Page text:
The federal court has imposed a sentence of probation and home detention on a notary public after he pleaded guilty to lying in another person’s U.S. passport application.
At a sentencing hearing last Friday, Liang Li was sentenced to two years of probation, with six months to be served in home detention.
During the home detention phase of his sentence, Li will be placed on location monitoring program, said U.S. District Court for the NMI Chief Judge Ramona V. Manglona.
Li was also ordered to pay a $4,000 fine plus $100 in special assessment fee.
Manglona said the consent form for a U.S. passport application clearly states, as well as Li’s admission, that he wrote Jan. 8, 2018, instead of Jan. 10, 2018.
Manglona said Li knew that the father of the child was not physically there when he notarized the consent form.
“So there is overwhelming evidence that you committed the crime,” the judge told Li.
The judge said Li was trying to correct his mistake as he knew that the father of the child was not there.
“Yet you stamped the document. That’s the crime,” Manglona pointed out.
Manglona said she understands Li’s mother’s sentiment.
The judge said she finds Li to be a hardworking man, a self-made man but “whatever the reasons, you made a bad mistake.”
Li owns U Save Car Rental.
Before the sentence was handed down, Li begged the court for leniency.
Li, 34, said he first came to Saipan from China in 2004 when he was only 19 years old.
He said he worked for 14 hours a day for three and a half years, then he eventually opened an internet shop in Kagman and then a car rental business in Garapan.
In 2015, Li became a U.S. citizen.
Li admitted that what he did was wrong and that it was a violation of law. He apologized to the court, the U.S. government, and the community.
Assistant U.S. attorney James Benedetto, counsel for the U.S. government, said he would rely on his sentencing memorandum.
The sentencing memorandum recommends a sentence of six months imprisonment and a $4,000 fine.
Benedetto said that people have to be accountable for their conducts.
He pointed out that Li made another mistake when he tried to withdraw his guilty plea and made allegations against his then-attorneys Mark Scoggins and Rene Holmes.
Benedetto said if the court would impose no prison term, the government, however, would not oppose it.
Li’s mother cried in court as she, through an interpreter, begged for a lenient sentence for her son, whom she described as hardworking and likeable.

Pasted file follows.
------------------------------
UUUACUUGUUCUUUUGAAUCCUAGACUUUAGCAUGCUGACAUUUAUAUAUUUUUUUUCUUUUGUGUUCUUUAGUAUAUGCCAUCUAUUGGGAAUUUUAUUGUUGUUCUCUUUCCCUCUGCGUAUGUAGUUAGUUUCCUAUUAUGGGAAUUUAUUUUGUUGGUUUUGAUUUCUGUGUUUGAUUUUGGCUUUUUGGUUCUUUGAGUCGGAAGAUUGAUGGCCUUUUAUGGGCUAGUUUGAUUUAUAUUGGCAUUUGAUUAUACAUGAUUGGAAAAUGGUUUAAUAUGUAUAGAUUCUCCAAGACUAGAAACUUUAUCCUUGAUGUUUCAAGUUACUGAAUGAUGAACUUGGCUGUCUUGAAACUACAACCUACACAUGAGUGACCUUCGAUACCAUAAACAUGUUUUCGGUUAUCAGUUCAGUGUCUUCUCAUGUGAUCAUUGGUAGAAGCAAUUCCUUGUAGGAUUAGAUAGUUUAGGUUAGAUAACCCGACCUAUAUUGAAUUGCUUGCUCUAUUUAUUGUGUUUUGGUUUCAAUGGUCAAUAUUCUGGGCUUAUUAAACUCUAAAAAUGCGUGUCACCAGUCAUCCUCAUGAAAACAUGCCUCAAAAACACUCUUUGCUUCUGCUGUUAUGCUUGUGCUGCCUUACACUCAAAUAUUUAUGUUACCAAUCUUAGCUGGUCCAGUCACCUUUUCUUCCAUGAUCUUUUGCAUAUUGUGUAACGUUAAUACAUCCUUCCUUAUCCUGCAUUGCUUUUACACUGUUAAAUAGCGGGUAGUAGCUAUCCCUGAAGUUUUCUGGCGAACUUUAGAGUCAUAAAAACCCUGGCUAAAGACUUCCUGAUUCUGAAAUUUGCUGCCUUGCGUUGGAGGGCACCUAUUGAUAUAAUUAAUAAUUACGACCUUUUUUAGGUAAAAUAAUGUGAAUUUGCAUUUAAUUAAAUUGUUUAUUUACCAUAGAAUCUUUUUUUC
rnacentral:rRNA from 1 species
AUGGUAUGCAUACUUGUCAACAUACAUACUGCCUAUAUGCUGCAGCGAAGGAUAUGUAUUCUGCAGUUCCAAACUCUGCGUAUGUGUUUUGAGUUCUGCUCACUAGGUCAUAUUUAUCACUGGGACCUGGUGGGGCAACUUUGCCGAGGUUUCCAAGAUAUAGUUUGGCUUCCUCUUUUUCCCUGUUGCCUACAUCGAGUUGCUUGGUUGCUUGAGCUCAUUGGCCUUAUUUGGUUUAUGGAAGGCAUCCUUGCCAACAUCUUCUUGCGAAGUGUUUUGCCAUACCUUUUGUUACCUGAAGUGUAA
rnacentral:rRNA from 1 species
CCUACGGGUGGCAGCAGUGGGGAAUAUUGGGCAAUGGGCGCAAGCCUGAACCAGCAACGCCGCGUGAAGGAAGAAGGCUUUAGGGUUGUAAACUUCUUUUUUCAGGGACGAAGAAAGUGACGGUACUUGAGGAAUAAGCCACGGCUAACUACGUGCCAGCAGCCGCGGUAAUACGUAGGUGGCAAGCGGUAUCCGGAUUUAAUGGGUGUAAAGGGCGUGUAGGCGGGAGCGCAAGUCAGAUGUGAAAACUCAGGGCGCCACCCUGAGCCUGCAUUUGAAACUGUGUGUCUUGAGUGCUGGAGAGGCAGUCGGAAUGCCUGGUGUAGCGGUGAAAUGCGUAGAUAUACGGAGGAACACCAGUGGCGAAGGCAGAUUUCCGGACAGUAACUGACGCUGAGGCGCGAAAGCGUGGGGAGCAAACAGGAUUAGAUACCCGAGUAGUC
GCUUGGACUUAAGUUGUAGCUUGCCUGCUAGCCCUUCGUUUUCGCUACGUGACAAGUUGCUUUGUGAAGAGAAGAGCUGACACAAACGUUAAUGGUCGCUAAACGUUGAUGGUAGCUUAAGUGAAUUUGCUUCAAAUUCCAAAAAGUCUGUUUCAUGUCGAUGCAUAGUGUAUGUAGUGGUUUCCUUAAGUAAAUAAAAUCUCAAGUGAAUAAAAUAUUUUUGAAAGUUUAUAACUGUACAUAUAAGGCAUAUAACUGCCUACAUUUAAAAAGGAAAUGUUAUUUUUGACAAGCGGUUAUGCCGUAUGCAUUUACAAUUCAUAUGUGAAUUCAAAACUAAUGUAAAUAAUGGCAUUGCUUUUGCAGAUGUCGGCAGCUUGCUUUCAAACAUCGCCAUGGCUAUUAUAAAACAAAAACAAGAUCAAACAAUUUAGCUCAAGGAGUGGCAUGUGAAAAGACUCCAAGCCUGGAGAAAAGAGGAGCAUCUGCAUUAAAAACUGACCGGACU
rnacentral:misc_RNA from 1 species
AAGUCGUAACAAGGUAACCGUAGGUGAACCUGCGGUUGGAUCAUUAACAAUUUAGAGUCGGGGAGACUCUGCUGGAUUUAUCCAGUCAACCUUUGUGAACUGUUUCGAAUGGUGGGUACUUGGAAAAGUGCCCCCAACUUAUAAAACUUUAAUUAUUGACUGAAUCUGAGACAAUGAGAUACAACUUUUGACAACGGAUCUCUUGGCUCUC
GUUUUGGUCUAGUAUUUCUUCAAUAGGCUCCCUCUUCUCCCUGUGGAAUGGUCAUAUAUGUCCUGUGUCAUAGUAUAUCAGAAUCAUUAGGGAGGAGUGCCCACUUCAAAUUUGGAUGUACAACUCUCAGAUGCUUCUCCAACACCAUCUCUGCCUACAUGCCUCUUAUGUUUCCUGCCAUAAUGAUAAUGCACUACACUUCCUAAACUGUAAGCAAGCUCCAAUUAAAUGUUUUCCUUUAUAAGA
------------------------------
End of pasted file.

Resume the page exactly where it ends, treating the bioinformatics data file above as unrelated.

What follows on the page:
The mother said she and her over 60-year-old husband are sickly and that their son is the only one who supports them.
Janet H. King, counsel for Liang Li, said Li did everything he could to pursue justice, and although he disagrees with the court’s ruling to deny the withdrawal of his guilty plea, he respects the court’s sentence.
“Now Mr. Li wishes to move on with his life, and to focus on his family,” King said.
The defense counsel said Li notarized a DS-3053, a consent form for a U.S. passport application, on Jan. 10, 2018 and backdated it to Jan. 8, 2018 when Mr. Jian Liu, the father giving consent to his child receiving a U.S. passport, was not present.
King said Li has been a notary for 10 years, and he has no criminal history before this case.
King said Li is not a part of the so-called birth tourism industry and he believed strongly that his action was intended to correct a mistake on the form he first notarized on Jan. 8, 2018, when Jian Liu was present.
“However, his actions in notarizing the form again on Jan. 10, 2018, and backdating it to Jan. 8, 2018, went against his oath as a notary and it was a violation of law,” King said.
Last April 3, Li pleaded guilty to lying in a passport application but then filed a motion on Aug. 8, asking the court to allow him to withdraw his plea.
He alleged that his former lawyers pressured him to take the plea by giving him less than a day to consider it, telling him he had no chance of winning if he went to trial, and threatening him with prison time if he did not accept the officer—allegations that Benedetto described as false. Manglona denied Li’s motion.